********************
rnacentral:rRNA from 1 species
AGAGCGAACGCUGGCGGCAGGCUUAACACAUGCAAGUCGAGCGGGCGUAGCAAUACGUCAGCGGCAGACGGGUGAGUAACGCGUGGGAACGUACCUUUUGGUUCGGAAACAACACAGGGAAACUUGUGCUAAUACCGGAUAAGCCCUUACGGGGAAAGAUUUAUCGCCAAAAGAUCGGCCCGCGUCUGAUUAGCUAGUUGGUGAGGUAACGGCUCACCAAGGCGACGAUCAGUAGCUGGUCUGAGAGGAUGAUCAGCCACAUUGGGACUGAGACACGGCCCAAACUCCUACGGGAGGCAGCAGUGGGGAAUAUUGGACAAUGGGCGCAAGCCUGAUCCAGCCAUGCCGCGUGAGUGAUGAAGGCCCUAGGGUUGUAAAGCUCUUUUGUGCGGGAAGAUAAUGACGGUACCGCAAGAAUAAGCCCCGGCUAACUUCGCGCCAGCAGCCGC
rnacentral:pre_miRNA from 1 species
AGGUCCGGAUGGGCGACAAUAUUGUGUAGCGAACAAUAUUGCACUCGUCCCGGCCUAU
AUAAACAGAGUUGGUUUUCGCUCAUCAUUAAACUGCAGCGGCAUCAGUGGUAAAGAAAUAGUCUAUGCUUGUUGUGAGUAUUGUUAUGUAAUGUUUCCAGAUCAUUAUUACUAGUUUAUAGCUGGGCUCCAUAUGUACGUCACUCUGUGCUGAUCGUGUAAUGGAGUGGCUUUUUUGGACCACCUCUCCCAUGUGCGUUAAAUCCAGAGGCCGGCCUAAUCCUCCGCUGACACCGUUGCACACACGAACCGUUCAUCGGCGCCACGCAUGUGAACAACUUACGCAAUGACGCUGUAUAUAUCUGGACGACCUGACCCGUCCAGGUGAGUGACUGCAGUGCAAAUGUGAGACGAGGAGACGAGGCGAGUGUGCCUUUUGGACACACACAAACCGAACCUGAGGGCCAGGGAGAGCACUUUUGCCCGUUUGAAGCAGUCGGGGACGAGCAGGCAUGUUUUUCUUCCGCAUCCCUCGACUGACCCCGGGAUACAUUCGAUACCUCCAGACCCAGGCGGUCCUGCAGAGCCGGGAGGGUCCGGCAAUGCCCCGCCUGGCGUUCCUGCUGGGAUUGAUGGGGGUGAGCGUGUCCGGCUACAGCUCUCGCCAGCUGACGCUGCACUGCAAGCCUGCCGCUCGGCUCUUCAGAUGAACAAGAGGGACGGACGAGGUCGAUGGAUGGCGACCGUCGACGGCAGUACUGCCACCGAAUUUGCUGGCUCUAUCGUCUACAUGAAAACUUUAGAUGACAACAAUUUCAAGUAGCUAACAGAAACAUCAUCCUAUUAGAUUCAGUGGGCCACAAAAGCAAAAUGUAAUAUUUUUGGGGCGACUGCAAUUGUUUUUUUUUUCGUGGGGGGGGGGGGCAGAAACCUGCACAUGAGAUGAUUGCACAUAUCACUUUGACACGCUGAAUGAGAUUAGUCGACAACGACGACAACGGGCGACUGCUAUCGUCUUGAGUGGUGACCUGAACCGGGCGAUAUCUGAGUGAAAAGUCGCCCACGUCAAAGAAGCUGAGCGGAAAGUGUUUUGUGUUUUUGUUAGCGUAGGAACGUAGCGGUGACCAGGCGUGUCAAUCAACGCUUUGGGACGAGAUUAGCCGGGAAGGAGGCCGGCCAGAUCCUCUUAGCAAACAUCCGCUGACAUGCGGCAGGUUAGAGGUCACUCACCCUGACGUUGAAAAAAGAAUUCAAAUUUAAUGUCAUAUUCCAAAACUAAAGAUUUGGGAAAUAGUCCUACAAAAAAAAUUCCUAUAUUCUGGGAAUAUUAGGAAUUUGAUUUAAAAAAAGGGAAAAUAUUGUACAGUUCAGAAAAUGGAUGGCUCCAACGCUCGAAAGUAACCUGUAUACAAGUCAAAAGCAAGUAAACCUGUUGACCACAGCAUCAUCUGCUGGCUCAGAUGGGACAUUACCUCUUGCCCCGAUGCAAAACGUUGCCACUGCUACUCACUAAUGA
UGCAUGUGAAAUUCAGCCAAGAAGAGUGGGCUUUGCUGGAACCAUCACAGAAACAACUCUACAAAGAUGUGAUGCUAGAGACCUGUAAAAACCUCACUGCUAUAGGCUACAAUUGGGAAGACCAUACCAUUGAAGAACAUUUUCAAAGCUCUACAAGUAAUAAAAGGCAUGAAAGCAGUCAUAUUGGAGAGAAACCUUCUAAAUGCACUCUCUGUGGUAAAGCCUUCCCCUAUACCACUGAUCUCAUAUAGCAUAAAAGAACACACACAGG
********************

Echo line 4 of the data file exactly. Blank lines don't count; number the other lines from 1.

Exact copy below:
AGGUCCGGAUGGGCGACAAUAUUGUGUAGCGAACAAUAUUGCACUCGUCCCGGCCUAU